The study results have implications for economic evaluation and health technology assessment. This study establishes the longitudinal validity of FROM-16 and suggests that FROM-16 can be used in health economic evaluation to include family member/partner impact. This study not only demonstrated how HRQoL measured by FROM-16 changes over time, but that the change measured was also directly related to the patients’ self-reported disease severity, in the expected direction [50]. The MIC value for FROM-16 can be used by clinicians and researchers as a bench mark to assess the impact of an intervention on family members of patients and as a secondary endpoint in clinical trials of new medications.

In terms of the study limitations, only a small number of family members (17/83 for responsiveness and 24/100 for MIC assessment) recorded changes on the GRC scale. The number of responses of change versus no change was less than 50%, but this bias was corrected by using adjusted MICPred, to calculate the MIC value [13]. The design of the online GRC question initially obscured the wider options from the family members, possibly increasing the number of “no change” answers. Perhaps the majority of family members really did not experience change in their QoL, as suggested by the small ES of change noted in both patients and family members. Future studies should be of bigger sample size to increase the change group numbers. Our sample size was modest but within recommended parameters: ≥50 subjects for responsiveness and ≥100 for MIC [12, 31]. Another limitation was the use of GRC as an anchor. Even though GRC scales are considered the best single measure of the importance of change from the patient’s perspective, it may not provide a correct assessment of change as perception of change is dependent on the subjective experiences of a person, which can be impacted by a number of factors beyond disease impact. Furthermore, GRC is subject to recall bias however, a clinical endpoint was not suitable as subjects had a range of health conditions. Nonetheless, GRC scales have been proven to be sensitive to both positive and negative changes [51, 52].


The results of this study establish the responsiveness and longitudinal validity for the FROM-16. A MIC value of four is proposed for FROM-16, allowing clinicians and researchers to judge the effectiveness of interventions that may influence family member’s QoL.

Data availability

The data are available from the authors on reasonable request according to Cardiff University regulations.



Area under the curve


COnsensus-based Standards for the selection of health Measurement Instruments


European quality of life five dimension- 3- level


Family Reported Outcome Measure


Global rating of change question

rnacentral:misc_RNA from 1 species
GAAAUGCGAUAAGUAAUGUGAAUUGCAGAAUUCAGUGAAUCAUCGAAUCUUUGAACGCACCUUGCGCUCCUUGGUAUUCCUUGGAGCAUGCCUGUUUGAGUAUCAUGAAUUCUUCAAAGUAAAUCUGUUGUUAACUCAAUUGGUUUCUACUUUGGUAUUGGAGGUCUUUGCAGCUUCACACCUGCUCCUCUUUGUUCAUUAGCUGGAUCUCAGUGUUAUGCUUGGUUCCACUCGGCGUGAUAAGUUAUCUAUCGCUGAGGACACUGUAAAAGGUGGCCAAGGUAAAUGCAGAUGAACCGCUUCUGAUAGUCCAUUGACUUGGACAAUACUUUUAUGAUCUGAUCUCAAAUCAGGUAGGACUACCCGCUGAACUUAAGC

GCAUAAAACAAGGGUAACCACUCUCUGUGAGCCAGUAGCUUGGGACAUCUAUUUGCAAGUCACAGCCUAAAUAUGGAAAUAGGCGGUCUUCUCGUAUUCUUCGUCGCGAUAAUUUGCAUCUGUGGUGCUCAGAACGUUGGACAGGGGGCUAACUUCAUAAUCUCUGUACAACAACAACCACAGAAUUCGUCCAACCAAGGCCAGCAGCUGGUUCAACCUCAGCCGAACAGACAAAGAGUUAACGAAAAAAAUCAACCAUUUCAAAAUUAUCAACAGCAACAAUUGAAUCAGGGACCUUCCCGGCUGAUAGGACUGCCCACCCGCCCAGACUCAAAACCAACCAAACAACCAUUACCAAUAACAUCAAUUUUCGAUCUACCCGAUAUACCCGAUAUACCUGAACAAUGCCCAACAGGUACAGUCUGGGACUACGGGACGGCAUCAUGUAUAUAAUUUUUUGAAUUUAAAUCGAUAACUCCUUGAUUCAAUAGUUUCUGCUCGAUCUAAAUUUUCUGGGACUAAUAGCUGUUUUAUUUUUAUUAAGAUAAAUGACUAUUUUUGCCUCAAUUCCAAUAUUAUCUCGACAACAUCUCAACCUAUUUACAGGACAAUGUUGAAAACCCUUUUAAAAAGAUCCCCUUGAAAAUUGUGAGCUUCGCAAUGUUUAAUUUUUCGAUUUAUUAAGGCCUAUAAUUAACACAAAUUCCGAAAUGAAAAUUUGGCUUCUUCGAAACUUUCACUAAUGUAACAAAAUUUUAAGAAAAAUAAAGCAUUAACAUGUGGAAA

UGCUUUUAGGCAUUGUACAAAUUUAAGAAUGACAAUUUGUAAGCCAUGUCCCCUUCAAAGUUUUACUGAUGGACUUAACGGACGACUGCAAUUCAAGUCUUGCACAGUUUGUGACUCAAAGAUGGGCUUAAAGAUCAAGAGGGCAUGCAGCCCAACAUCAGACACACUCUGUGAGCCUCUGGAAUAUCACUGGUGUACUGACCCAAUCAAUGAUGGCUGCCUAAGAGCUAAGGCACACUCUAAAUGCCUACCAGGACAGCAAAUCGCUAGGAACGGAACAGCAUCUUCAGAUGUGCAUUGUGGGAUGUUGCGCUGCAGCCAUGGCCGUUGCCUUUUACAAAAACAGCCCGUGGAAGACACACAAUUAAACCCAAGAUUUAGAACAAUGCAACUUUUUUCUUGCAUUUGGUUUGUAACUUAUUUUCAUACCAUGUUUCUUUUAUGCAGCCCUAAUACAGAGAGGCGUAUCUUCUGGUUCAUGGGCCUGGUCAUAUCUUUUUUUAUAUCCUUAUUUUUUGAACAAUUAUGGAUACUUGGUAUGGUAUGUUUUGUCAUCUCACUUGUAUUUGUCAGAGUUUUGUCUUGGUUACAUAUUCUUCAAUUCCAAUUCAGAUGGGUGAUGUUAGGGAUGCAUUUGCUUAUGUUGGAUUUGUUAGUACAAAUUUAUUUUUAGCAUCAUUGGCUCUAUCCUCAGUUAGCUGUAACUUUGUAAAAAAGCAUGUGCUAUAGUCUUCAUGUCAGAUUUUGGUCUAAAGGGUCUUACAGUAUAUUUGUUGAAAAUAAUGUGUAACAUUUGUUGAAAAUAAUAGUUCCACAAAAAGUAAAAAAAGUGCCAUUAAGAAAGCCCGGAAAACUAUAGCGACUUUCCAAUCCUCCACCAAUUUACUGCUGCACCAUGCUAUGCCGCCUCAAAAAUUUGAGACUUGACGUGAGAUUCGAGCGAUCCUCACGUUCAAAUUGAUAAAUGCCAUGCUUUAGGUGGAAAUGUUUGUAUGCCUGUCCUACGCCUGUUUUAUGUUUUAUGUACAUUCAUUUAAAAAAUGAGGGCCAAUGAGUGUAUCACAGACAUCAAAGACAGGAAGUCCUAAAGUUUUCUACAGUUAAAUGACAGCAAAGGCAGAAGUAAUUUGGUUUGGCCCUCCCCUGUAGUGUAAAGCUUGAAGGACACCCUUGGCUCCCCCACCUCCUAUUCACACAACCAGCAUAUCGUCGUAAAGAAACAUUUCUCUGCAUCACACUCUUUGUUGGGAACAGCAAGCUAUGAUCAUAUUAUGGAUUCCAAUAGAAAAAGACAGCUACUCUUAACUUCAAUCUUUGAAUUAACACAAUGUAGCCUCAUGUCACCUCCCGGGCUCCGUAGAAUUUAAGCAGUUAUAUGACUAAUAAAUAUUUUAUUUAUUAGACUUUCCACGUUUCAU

Global severity question


Minimal important change


Receiver operating characteristic


Standard deviation


Standard error of the measurement


Standardized response mean


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We are very grateful to the patients and family members/partners who agreed to take part in this study.


There was no external funding for this Cardiff University study.

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Authors and Affiliations



RS primarily carried out the study including data collection, analysis and interpretation, wrote the first draft and revised all documentation. MSS and AYF equally contributed to the design, interpretation and supervision of the study and revised all study documentation and the manuscript. JRI, KO and SJN provided advice during the study and helped revise study documentation. HA, SJN and MN were involved in designing and reviewing the study protocol, drafting the study materials, reviewing the manuscript and providing suggestions from the patient and family perspectives. AYF, MSS, KO, JRI, FMA, SJN, HA, and MN reviewed the manuscript and agreed on the final submitted version of the manuscript.

Corresponding author

Correspondence to R. Shah.

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Ethics approval and consent to participate

The study was approved by the Health Research Authority (HRA) and Health and Care Research Wales (HCRW) 20/EE/0242. All patients and family members gave their electronic informed consent.

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Not applicable.

Competing interests

RS, KO, HA, MN and SJN declared no competing interest; FMA is employed by Cardiff University: Cardiff University receives royalties from some uses of FROM-16; AYF reports personal fees from Novartis Lecture honorarium, personal fees from Medscape Podcast honorarium, personal fees from Eli Lilly Lecture honorarium, outside the submitted work; MSS and AYF are joint copyright owner of the FROM-16 for which Cardiff University receives royalties for its commercial use, and they receive a share under standard university policy. JRI receives a stipend as Editor-in-Chief of the British Journal of Dermatology and an authorship honorarium from UpToDate. He is a consultant for Abbvie, Boehringer Ingelheim, ChemoCentryx, Citryll, Novartis and UCB Pharma and has served on advisory boards for Insmed, Kymera Therapeutics and Viela Bio. He is co-copyright holder of HiSQOL, Investigator Global Assessment and Patient Global Assessment instruments for HS. His department receives income from royalties for the use of the Dermatology Life Quality Index (DLQI), Family Reported Outcome Measure (FROM-16) and related instruments.

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Shah, R., Finlay, A., Salek, M. et al. Responsiveness and minimal important change of the Family Reported Outcome Measure (FROM-16). J Patient Rep Outcomes 8, 38 (2024).